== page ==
Google to Defend Android, Open Source vs. Oracle Suit

 
 
By Clint Boulton  |  Posted 2010-08-14
 
 
 

Google to Defend Android, Open Source vs. Oracle Suit


Google Aug. 13 called Oracle's patent infringement lawsuit against the search engine "baseless" and vowed to "strongly defend" open-source standards and protect its Android operating system.

"We are disappointed Oracle has chosen to attack both Google and the open-source Java community with this baseless lawsuit," a Google spokesperson told eWEEK.

"The open-source Java community goes beyond any one corporation and works every day to make the Web a better place. We will strongly defend open-source standards and will continue to work with the industry to develop the Android platform."

Oracle sued Google Aug. 12, alleging the company infringed on seven patents and other copyrights related to Java. Oracle acquired thousands of Java-related patents through its $5.6 billion purchase of Sun Microsystems, later renamed Oracle America.

Android includes Java applications running on a Java-based application framework and core libraries running on a Dalvik virtual machine.

According to the suit, "Google actively distributes Android (including without limitation the Dalvik VM and the Android software development kit) and promotes its use by manufacturers of products and applications."   

Android is wildly successful, shipping in 200,000 smartphones per day. Android-based smartphones outsold Apple's popular iPhone in units shipped for the second quarter, according to Nielsen and others.

Despite negotiations, Google did not have a licensing agreement with Sun for Java, but Sun let Google slide. Oracle revived talks after acquiring Sun but discussions broke down after the two parties couldn't agree on licensing fees, according to the Wall Street Journal.

For that reason, Oracle is suing to enjoin Google from facilitating Android development and is seeking damages because it claims Google engineers were aware of the patents.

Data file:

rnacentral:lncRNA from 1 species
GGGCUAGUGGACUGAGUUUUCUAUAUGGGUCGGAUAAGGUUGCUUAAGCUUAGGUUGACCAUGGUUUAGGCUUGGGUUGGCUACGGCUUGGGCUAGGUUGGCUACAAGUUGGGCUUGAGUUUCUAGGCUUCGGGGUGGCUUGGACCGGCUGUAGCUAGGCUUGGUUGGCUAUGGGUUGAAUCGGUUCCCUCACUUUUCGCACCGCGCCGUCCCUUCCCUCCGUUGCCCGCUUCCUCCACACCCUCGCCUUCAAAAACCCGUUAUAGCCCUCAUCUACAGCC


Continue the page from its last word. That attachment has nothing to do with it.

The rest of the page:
How the Oracle-Google Android Suit Will Shake Out


 

James Gosling, who created Java while working for Sun, said he knew the day would come when Oracle would train its legal guns on Google.

Positioning Oracle's suit as an attack on open source is a masterful stroke by Google. The software development community is ringed with open-source software supporters. One, software developer Florian Mueller, wrote in his blog Aug. 13 that Oracle is going after open source with this suit.

"Even if some Android-based or Android-related products may include components that don't meet open-source criteria, I find it impossible to imagine that the patents Oracle tries to enforce here would be infringed only by closed-source components and not by Android's many open-source components.

"Therefore, I consider this a patent attack on free software and open source," Mueller added.

Miguel de Icaza, who created the GNOME and Mono open-source projects, said Google's Android team angered Sun when, instead of licensing the Java Micro Edition, it took the code and recompiled it to form the Dalvik virtual machine.

This enabled Google to obviate "whatever licensing technicalities they were aware at the time of the negotiations."

De Icaza said he believes Google will pay Sun billions of dollars to license the Java code for Android, but may not offer protection for those developing Android applications.

"An unlikely scenario is for Google to pay the bills for all Android OEMs as they are coming out fast and strong from every corner of the world," he wrote. "It occurred to me that Oracle could sell all the Java assets to Google. But Google probably passed on this opportunity back when Sun was put on the market."

Whatever the case, this is a legal battle that is likely to drag on, with Google's future to effectively penetrate the mobile Web versus Apple's iPhone in the balance.


Rocket Fuel